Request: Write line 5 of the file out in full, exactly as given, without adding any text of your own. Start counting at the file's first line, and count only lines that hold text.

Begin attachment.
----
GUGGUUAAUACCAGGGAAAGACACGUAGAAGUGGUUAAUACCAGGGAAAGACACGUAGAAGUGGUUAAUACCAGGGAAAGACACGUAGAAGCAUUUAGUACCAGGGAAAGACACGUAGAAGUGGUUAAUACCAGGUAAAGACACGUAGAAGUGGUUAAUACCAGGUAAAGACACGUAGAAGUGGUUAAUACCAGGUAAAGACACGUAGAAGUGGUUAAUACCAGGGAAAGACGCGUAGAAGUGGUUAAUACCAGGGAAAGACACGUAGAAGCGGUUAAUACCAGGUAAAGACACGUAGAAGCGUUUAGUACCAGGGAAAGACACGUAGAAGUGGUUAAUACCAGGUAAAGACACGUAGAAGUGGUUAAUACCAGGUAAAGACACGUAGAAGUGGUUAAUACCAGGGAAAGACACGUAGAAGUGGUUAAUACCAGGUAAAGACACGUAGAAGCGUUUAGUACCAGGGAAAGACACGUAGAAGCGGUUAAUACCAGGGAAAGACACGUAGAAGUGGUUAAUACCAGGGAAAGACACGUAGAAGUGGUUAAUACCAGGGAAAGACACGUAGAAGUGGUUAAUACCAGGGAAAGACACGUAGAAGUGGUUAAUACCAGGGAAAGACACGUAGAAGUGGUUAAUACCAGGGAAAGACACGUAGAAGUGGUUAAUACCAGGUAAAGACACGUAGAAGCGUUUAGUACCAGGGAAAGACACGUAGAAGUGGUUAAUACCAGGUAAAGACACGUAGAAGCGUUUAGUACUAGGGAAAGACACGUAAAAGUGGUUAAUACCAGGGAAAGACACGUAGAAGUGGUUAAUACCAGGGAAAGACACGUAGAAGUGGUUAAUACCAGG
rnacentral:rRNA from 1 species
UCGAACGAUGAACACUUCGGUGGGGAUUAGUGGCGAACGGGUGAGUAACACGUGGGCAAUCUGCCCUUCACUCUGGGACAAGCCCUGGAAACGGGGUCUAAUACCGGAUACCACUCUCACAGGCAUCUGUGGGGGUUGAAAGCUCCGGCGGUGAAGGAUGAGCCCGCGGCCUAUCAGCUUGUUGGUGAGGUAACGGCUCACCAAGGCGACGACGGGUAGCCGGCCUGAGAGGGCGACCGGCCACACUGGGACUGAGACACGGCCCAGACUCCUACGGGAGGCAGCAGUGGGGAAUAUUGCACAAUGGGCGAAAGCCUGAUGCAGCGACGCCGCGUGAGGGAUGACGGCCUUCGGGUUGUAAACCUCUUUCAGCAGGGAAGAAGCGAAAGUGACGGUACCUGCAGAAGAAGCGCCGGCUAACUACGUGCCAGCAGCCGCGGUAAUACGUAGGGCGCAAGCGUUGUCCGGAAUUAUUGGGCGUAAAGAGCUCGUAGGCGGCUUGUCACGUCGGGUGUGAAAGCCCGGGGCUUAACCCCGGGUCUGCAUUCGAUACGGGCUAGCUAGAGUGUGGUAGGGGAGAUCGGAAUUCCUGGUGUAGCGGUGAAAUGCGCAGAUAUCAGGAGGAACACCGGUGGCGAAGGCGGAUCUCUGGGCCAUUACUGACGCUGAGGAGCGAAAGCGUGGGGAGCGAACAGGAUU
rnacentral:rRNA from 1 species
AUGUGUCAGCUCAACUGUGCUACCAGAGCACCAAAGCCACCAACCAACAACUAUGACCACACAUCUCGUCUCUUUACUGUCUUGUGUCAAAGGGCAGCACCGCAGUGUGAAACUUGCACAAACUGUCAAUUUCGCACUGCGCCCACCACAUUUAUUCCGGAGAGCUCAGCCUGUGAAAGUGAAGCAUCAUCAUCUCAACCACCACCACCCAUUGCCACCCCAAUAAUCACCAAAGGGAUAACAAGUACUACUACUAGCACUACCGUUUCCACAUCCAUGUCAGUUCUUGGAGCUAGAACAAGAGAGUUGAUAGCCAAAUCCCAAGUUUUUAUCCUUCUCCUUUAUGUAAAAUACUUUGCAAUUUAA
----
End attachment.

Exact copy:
AUGUGUCAGCUCAACUGUGCUACCAGAGCACCAAAGCCACCAACCAACAACUAUGACCACACAUCUCGUCUCUUUACUGUCUUGUGUCAAAGGGCAGCACCGCAGUGUGAAACUUGCACAAACUGUCAAUUUCGCACUGCGCCCACCACAUUUAUUCCGGAGAGCUCAGCCUGUGAAAGUGAAGCAUCAUCAUCUCAACCACCACCACCCAUUGCCACCCCAAUAAUCACCAAAGGGAUAACAAGUACUACUACUAGCACUACCGUUUCCACAUCCAUGUCAGUUCUUGGAGCUAGAACAAGAGAGUUGAUAGCCAAAUCCCAAGUUUUUAUCCUUCUCCUUUAUGUAAAAUACUUUGCAAUUUAA